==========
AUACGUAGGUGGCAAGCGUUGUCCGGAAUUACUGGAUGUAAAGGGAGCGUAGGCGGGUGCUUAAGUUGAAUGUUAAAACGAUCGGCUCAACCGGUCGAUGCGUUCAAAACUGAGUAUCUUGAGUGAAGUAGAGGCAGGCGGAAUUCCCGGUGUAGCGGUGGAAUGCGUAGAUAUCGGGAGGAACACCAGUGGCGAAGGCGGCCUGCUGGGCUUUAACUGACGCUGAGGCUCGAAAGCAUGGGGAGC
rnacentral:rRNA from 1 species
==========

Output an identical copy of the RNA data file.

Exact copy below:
AUACGUAGGUGGCAAGCGUUGUCCGGAAUUACUGGAUGUAAAGGGAGCGUAGGCGGGUGCUUAAGUUGAAUGUUAAAACGAUCGGCUCAACCGGUCGAUGCGUUCAAAACUGAGUAUCUUGAGUGAAGUAGAGGCAGGCGGAAUUCCCGGUGUAGCGGUGGAAUGCGUAGAUAUCGGGAGGAACACCAGUGGCGAAGGCGGCCUGCUGGGCUUUAACUGACGCUGAGGCUCGAAAGCAUGGGGAGC
rnacentral:rRNA from 1 species